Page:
Sheerness RNLI volunteers help rescue man clinging for life to buoy for two hour
A man clinging for his life to a buoy for two hours in the dark in the Medway Estuary was rescued by a Good Samaritan and Sheerness RNLI lifeboat volunteers.
The 64 year old man had transferred from his yacht moored in Halstow Creek to a dinghy which then capsized, leaving him in the perilously cold water alone at night.
Eventually the man’s cries for help where heard by someone in a nearby house sparking an emergency 999 call to the Coastguard and a late night launch of Sheerness RNLI’s inshore lifeboat Eleanor at 12.05am on Thursday 19 May.
Within less than half an hour of leaving their beds, the charity’s volunteer crew reached the area at 12.27pm and immediately launched two flares to illuminate the dark night and assist their search.
RNLI helmsman Mark Tucker said: ‘We spotted a man in a small rhib type boat next to a mooring buoy who we later learned had been alerted by a phone call saying that cries for help could be heard in the creek.The chap got into his boat and eventually located the casualty in the water where he was clinging to the buoy.Having found the man in the water the Good Samaritan hadn’t been able to get him out and so hung onto him until we arrived on the scene.’
As the lifeboat neared the scene crew member Kris White jumped into the water to support the casualty before getting him aboard the lifeboat with the support of his fellow RNLI crew members.
Kris added: ‘It was a pitch black night and the water was extremely cold. The guy was in a bad way. He was so cold he looked blue. We think he had been in the water for two hours. He was lucky he’d been spotted and help came. I don’t know how much longer he could have held on if he’d been alone but the fact that he was wearing his lifejacket undoubtedly saved his life because apart from the extreme cold there was a very strong tide running which would have been impossible to swim against’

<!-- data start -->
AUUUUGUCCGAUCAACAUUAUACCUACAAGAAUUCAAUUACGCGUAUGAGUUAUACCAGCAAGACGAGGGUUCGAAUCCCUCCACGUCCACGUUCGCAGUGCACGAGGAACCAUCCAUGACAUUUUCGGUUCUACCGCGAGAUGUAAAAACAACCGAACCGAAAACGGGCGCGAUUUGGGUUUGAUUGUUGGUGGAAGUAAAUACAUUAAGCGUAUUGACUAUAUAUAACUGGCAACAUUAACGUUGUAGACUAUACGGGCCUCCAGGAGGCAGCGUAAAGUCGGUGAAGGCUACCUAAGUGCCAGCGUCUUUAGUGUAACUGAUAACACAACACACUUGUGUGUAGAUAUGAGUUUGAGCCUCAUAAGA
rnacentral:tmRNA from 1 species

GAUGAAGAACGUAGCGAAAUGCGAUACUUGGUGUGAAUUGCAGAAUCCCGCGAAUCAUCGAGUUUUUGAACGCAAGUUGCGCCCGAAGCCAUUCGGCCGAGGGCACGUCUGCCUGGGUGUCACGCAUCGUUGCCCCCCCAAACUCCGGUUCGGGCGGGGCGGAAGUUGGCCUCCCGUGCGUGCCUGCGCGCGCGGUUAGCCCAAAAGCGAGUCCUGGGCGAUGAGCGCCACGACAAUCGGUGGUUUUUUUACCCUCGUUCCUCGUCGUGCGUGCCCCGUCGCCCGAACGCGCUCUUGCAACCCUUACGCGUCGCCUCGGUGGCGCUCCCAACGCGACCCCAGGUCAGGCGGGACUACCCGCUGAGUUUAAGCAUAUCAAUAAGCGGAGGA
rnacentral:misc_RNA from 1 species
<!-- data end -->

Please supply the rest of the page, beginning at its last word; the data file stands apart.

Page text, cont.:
‘This incident goes to show how quickly and unexpectedly things can go wrong, even in a sheltered creek. We’d urge everyone to carry a waterproof means of communication, whether that’s a radio, a mobile phone in a protective pouch or even flares, so that if they find themselves in a similar situation they can call for help.’
The casualty was taken to a nearby slipway where he was handed over to a waiting South East Coast Ambulance Service crew. It is not thought the man’s condition was life threatening.
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Key facts about the RNLI
The Royal National Lifeboat Institution is the charity that saves lives at sea. Our volunteers provide a 24-hour search and rescue service in the United Kingdom and Ireland from 238 lifeboat stations, including four along the River Thames and inland lifeboat stations at Loch Ness, Lough Derg, Enniskillen and Lough Ree. Additionally the RNLI has more than 1,000 lifeguards on over 240 beaches around the UK and operates a specialist flood rescue team, which can respond anywhere across the UK and Ireland when inland flooding puts lives at risk.
The RNLI relies on public donations and legacies to maintain its rescue service. As a charity it is separate from, but works alongside, government-controlled and funded coastguard services. Since the RNLI was founded in 1824 our lifeboat crews and lifeguards have saved at least 140,000 lives. Volunteers make up 95% of the charity, including 4,600 volunteer lifeboat crew members and 3,000 volunteer shore crew. Additionally, tens of thousands of other dedicated volunteers raise funds and awareness, give safety advice, and help in our museums, shops and offices.
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